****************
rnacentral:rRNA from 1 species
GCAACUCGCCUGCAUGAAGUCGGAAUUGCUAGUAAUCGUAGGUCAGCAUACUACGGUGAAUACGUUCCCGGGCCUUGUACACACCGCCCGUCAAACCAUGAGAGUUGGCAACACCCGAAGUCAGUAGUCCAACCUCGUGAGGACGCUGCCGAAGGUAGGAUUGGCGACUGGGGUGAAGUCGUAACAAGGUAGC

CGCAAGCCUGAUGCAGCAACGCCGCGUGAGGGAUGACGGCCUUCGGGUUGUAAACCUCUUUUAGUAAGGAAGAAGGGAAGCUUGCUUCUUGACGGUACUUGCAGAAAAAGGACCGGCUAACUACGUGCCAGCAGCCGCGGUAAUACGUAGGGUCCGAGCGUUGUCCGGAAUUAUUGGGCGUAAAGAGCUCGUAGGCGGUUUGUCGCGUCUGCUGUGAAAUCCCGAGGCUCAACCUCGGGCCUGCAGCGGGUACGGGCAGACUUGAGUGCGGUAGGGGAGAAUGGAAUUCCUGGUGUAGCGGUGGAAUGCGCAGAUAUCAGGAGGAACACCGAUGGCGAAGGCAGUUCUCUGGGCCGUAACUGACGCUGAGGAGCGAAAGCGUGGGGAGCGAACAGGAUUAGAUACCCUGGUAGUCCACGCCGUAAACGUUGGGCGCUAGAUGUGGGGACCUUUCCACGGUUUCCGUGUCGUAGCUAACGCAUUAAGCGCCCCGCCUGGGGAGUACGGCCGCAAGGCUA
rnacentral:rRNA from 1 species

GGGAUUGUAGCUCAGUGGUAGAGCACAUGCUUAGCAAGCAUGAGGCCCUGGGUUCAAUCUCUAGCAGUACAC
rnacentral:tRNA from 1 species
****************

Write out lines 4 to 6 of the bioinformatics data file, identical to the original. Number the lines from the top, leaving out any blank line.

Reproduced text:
rnacentral:rRNA from 1 species

GGGAUUGUAGCUCAGUGGUAGAGCACAUGCUUAGCAAGCAUGAGGCCCUGGGUUCAAUCUCUAGCAGUACAC
rnacentral:tRNA from 1 species